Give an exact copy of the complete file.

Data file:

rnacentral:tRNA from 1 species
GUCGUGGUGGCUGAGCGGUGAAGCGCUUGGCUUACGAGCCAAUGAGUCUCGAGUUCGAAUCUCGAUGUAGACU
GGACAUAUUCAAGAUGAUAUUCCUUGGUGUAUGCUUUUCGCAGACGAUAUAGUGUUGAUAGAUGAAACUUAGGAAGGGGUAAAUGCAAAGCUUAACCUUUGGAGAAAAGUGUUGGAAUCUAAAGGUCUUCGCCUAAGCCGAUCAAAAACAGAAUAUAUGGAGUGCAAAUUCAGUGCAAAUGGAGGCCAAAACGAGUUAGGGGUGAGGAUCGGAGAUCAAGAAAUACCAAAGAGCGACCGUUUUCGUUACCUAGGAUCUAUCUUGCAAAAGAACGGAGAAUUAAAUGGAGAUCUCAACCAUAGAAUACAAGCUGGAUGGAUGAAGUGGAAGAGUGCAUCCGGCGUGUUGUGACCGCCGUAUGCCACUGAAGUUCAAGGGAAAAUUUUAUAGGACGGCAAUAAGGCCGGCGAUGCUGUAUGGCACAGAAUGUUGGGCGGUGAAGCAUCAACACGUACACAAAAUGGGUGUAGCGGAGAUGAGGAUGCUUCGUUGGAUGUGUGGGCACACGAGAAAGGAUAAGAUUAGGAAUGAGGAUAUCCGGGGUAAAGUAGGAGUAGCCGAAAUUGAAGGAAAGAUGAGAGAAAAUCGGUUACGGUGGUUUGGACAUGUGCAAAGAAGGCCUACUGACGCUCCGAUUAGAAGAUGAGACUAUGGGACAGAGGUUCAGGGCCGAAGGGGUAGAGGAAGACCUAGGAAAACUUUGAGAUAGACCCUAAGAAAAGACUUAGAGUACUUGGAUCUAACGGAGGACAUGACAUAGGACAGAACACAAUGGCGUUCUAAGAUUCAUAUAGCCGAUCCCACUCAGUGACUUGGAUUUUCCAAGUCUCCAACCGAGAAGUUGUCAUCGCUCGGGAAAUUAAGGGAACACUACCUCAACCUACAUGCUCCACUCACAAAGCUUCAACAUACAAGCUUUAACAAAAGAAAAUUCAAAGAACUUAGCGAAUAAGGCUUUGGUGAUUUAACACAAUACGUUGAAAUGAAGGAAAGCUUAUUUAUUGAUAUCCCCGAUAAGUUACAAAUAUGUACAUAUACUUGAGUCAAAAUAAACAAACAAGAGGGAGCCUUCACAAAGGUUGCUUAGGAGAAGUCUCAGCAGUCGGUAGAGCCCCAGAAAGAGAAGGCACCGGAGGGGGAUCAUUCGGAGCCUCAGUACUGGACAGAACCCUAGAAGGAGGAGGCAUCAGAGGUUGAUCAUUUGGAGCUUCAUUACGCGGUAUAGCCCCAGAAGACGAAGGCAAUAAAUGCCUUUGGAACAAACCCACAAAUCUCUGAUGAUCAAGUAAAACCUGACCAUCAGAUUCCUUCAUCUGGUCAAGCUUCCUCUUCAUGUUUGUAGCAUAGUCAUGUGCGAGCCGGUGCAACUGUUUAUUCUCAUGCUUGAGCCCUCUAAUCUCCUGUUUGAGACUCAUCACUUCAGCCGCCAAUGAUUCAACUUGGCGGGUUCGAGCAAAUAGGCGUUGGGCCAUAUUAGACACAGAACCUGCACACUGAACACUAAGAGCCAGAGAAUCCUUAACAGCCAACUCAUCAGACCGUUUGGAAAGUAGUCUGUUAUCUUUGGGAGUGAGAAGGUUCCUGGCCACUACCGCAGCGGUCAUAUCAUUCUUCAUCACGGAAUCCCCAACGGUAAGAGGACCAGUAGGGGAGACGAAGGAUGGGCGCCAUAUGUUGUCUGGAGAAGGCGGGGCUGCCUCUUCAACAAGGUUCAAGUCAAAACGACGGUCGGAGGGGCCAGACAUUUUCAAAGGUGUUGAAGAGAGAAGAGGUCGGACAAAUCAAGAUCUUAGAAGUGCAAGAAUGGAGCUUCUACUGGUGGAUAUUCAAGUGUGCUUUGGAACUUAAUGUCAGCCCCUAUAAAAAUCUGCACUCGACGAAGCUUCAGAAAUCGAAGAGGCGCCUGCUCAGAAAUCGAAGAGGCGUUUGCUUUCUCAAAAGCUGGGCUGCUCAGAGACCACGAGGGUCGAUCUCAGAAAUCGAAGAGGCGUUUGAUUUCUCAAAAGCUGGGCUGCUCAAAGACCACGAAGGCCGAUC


rnacentral:tRNA from 1 species
GUCGUGGUGGCUGAGCGGUGAAGCGCUUGGCUUACGAGCCAAUGAGUCUCGAGUUCGAAUCUCGAUGUAGACU
GGACAUAUUCAAGAUGAUAUUCCUUGGUGUAUGCUUUUCGCAGACGAUAUAGUGUUGAUAGAUGAAACUUAGGAAGGGGUAAAUGCAAAGCUUAACCUUUGGAGAAAAGUGUUGGAAUCUAAAGGUCUUCGCCUAAGCCGAUCAAAAACAGAAUAUAUGGAGUGCAAAUUCAGUGCAAAUGGAGGCCAAAACGAGUUAGGGGUGAGGAUCGGAGAUCAAGAAAUACCAAAGAGCGACCGUUUUCGUUACCUAGGAUCUAUCUUGCAAAAGAACGGAGAAUUAAAUGGAGAUCUCAACCAUAGAAUACAAGCUGGAUGGAUGAAGUGGAAGAGUGCAUCCGGCGUGUUGUGACCGCCGUAUGCCACUGAAGUUCAAGGGAAAAUUUUAUAGGACGGCAAUAAGGCCGGCGAUGCUGUAUGGCACAGAAUGUUGGGCGGUGAAGCAUCAACACGUACACAAAAUGGGUGUAGCGGAGAUGAGGAUGCUUCGUUGGAUGUGUGGGCACACGAGAAAGGAUAAGAUUAGGAAUGAGGAUAUCCGGGGUAAAGUAGGAGUAGCCGAAAUUGAAGGAAAGAUGAGAGAAAAUCGGUUACGGUGGUUUGGACAUGUGCAAAGAAGGCCUACUGACGCUCCGAUUAGAAGAUGAGACUAUGGGACAGAGGUUCAGGGCCGAAGGGGUAGAGGAAGACCUAGGAAAACUUUGAGAUAGACCCUAAGAAAAGACUUAGAGUACUUGGAUCUAACGGAGGACAUGACAUAGGACAGAACACAAUGGCGUUCUAAGAUUCAUAUAGCCGAUCCCACUCAGUGACUUGGAUUUUCCAAGUCUCCAACCGAGAAGUUGUCAUCGCUCGGGAAAUUAAGGGAACACUACCUCAACCUACAUGCUCCACUCACAAAGCUUCAACAUACAAGCUUUAACAAAAGAAAAUUCAAAGAACUUAGCGAAUAAGGCUUUGGUGAUUUAACACAAUACGUUGAAAUGAAGGAAAGCUUAUUUAUUGAUAUCCCCGAUAAGUUACAAAUAUGUACAUAUACUUGAGUCAAAAUAAACAAACAAGAGGGAGCCUUCACAAAGGUUGCUUAGGAGAAGUCUCAGCAGUCGGUAGAGCCCCAGAAAGAGAAGGCACCGGAGGGGGAUCAUUCGGAGCCUCAGUACUGGACAGAACCCUAGAAGGAGGAGGCAUCAGAGGUUGAUCAUUUGGAGCUUCAUUACGCGGUAUAGCCCCAGAAGACGAAGGCAAUAAAUGCCUUUGGAACAAACCCACAAAUCUCUGAUGAUCAAGUAAAACCUGACCAUCAGAUUCCUUCAUCUGGUCAAGCUUCCUCUUCAUGUUUGUAGCAUAGUCAUGUGCGAGCCGGUGCAACUGUUUAUUCUCAUGCUUGAGCCCUCUAAUCUCCUGUUUGAGACUCAUCACUUCAGCCGCCAAUGAUUCAACUUGGCGGGUUCGAGCAAAUAGGCGUUGGGCCAUAUUAGACACAGAACCUGCACACUGAACACUAAGAGCCAGAGAAUCCUUAACAGCCAACUCAUCAGACCGUUUGGAAAGUAGUCUGUUAUCUUUGGGAGUGAGAAGGUUCCUGGCCACUACCGCAGCGGUCAUAUCAUUCUUCAUCACGGAAUCCCCAACGGUAAGAGGACCAGUAGGGGAGACGAAGGAUGGGCGCCAUAUGUUGUCUGGAGAAGGCGGGGCUGCCUCUUCAACAAGGUUCAAGUCAAAACGACGGUCGGAGGGGCCAGACAUUUUCAAAGGUGUUGAAGAGAGAAGAGGUCGGACAAAUCAAGAUCUUAGAAGUGCAAGAAUGGAGCUUCUACUGGUGGAUAUUCAAGUGUGCUUUGGAACUUAAUGUCAGCCCCUAUAAAAAUCUGCACUCGACGAAGCUUCAGAAAUCGAAGAGGCGCCUGCUCAGAAAUCGAAGAGGCGUUUGCUUUCUCAAAAGCUGGGCUGCUCAGAGACCACGAGGGUCGAUCUCAGAAAUCGAAGAGGCGUUUGAUUUCUCAAAAGCUGGGCUGCUCAAAGACCACGAAGGCCGAUC